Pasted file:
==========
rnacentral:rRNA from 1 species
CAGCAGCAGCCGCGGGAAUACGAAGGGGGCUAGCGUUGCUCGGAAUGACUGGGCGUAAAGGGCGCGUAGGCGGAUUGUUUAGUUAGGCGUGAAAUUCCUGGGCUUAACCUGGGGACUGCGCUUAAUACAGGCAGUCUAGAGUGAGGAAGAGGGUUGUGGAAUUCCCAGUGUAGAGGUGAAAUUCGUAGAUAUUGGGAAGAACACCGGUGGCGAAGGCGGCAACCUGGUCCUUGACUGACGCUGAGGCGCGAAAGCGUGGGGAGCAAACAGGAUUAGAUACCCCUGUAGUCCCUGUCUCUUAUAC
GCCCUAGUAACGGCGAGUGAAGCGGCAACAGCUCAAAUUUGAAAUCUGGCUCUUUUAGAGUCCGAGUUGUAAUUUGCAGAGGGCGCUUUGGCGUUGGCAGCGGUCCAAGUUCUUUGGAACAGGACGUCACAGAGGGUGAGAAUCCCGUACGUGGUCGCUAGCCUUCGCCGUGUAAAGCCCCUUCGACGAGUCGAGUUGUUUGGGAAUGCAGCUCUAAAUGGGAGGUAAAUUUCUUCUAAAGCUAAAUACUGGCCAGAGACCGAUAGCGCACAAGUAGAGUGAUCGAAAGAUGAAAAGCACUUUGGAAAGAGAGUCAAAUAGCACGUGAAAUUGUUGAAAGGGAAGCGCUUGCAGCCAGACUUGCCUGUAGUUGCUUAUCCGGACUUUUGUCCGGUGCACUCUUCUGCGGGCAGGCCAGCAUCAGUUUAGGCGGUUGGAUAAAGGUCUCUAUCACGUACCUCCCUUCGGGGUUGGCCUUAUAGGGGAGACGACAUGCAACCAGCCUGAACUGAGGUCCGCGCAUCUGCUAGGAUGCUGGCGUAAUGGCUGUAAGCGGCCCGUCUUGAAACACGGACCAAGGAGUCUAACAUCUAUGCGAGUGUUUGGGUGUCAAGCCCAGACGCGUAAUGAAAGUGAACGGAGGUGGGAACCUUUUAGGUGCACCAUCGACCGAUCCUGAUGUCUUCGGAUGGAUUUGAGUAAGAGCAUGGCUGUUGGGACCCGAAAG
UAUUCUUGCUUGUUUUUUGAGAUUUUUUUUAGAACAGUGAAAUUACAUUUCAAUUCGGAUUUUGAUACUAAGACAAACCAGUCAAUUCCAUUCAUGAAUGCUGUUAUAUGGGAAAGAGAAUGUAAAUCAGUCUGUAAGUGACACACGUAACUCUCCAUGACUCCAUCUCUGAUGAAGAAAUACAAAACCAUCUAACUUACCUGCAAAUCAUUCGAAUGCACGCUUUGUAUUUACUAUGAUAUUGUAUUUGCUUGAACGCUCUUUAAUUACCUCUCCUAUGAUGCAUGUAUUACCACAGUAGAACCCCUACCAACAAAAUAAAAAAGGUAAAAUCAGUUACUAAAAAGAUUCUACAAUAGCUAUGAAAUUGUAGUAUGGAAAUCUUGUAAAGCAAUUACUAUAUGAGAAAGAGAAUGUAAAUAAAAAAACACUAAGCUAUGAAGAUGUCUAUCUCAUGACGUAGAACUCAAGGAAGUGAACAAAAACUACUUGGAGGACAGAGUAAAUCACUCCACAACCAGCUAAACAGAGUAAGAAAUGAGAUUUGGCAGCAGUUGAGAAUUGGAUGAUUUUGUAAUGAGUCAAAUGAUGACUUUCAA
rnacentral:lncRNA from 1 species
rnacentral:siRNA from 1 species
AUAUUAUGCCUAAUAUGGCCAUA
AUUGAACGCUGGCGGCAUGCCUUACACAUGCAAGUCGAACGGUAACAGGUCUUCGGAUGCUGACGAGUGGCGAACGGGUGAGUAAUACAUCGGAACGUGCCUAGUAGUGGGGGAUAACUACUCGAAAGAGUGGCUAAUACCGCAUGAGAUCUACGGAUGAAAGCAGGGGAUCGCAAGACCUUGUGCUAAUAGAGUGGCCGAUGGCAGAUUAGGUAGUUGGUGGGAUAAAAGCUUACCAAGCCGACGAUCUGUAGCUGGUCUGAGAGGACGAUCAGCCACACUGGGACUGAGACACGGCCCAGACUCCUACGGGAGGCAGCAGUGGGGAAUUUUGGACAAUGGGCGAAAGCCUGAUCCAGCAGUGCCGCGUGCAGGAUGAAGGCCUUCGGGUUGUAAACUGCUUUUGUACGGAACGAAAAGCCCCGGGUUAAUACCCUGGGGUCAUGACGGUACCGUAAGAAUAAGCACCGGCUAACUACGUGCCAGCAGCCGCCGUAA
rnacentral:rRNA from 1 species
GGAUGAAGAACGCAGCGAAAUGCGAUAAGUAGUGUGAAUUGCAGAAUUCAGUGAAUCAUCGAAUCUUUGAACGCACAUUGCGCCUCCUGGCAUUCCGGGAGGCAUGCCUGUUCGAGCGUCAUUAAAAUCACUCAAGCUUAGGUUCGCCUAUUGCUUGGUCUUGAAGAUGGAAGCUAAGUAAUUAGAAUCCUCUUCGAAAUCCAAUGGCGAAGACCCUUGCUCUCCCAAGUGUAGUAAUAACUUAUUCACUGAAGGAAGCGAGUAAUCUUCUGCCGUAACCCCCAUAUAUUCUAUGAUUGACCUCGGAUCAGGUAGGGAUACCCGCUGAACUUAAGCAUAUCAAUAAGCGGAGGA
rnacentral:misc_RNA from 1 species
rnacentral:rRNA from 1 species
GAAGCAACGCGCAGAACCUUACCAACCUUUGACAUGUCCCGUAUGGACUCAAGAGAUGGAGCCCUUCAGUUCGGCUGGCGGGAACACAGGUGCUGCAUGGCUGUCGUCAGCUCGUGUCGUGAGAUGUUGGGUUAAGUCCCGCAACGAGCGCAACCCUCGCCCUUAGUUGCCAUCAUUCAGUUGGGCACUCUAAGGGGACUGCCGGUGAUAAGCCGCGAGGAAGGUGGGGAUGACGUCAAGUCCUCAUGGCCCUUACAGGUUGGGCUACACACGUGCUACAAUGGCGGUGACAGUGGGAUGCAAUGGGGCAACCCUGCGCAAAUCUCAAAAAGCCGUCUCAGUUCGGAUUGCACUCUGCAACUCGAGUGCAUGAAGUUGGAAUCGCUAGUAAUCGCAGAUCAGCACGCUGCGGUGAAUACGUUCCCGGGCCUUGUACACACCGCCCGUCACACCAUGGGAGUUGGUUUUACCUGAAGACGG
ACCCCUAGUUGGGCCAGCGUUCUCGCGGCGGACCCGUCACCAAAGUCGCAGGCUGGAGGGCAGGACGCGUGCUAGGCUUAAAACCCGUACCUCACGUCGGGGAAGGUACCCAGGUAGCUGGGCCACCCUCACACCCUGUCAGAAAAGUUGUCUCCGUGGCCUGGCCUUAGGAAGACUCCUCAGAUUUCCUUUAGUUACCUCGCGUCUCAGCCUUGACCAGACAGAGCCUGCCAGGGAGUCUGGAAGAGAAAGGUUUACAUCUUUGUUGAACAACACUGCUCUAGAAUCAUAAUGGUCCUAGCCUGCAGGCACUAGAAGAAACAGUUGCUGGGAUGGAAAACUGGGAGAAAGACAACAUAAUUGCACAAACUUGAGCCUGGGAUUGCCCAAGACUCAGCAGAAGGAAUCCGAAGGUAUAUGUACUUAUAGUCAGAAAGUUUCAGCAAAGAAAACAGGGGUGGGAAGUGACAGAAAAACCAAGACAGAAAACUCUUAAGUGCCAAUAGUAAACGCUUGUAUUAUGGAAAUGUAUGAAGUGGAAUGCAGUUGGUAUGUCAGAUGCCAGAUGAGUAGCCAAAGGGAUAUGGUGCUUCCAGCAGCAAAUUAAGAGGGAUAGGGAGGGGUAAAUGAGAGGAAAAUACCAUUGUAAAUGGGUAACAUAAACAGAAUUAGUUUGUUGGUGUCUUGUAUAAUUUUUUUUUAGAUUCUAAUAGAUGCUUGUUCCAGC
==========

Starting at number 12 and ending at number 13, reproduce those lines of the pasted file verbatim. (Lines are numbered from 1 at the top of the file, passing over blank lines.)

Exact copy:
rnacentral:rRNA from 1 species
GAAGCAACGCGCAGAACCUUACCAACCUUUGACAUGUCCCGUAUGGACUCAAGAGAUGGAGCCCUUCAGUUCGGCUGGCGGGAACACAGGUGCUGCAUGGCUGUCGUCAGCUCGUGUCGUGAGAUGUUGGGUUAAGUCCCGCAACGAGCGCAACCCUCGCCCUUAGUUGCCAUCAUUCAGUUGGGCACUCUAAGGGGACUGCCGGUGAUAAGCCGCGAGGAAGGUGGGGAUGACGUCAAGUCCUCAUGGCCCUUACAGGUUGGGCUACACACGUGCUACAAUGGCGGUGACAGUGGGAUGCAAUGGGGCAACCCUGCGCAAAUCUCAAAAAGCCGUCUCAGUUCGGAUUGCACUCUGCAACUCGAGUGCAUGAAGUUGGAAUCGCUAGUAAUCGCAGAUCAGCACGCUGCGGUGAAUACGUUCCCGGGCCUUGUACACACCGCCCGUCACACCAUGGGAGUUGGUUUUACCUGAAGACGG